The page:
It happens all the time. A knock on the door followed by a pitch
from a young person who, for one good cause or another, is selling
But before getting out the checkbook, consider this: You may be
looking into the eyes of a modern-day indentured servant.
Oftentimes, kids who hawk magazines door-to-door are just taking
part in a school project. But some industry watchers say that when
young adults join traveling sales crews, they are sometimes cut off
from family, forced to work long days without having control of
earnings, and subjected to emotional or physical abuse. Touted as
adventurous employment with sales of about $1 billion a year, it's
exploitation industry happening right under Americans' noses,
These sales operations have come under renewed scrutiny since a
March 25 van crash that killed seven youths and injured five others
near Janesville, Wis.
That group appears to fit the profile of traveling sales crews,
which tend to recruit and travel in a wide range of states and have
drivers with longstanding criminal or traffic offenses, says
Beyer, general counsel of the National Child Labor Committee in New
Indeed, the college-age driver in the Wisconsin crash already had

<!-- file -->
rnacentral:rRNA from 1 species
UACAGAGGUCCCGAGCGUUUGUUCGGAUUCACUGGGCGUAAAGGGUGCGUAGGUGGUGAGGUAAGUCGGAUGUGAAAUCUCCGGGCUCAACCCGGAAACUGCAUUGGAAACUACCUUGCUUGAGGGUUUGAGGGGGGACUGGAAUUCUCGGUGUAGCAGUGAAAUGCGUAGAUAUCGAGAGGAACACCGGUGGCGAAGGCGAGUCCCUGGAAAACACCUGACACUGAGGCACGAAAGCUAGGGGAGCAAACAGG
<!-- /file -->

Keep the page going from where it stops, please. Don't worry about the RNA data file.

so many driving violations that his license wasn't valid in
But what was unusual, says Ms. Beyer, is that the accident
included four minors - one of whom was killed. That brought the US
Department of Labor and the FBI into an investigation that otherwise
would involve only state and local agencies.
The lure of money
The desire to get rich quick may be part of the problem. Since
the 1960s, there's been a shift toward a sense of entitlement to a
rich, exciting lifestyle, says Robert Fitzpatrick, co-author of a
book on multilevel marketing and pyramid schemes. People from every
background flock to seminars where they are told they can start
making $10,000 right away if they just have the right attitude.
Despite today's prosperity, many people feel insecure and are
"pretty open to a scheme that says, 'I'll deliver you,' " Mr.
Many groups promise fantasy-size profits and instead end up
impoverishing people, experts say. They've also been criticized for
imposing cult-like control over people's thoughts and behavior.
When Earlene Williams tracked down her 18-year-old son after he
joined a traveling crew, he agreed to go home only if she would
promise to help the other kids involved. …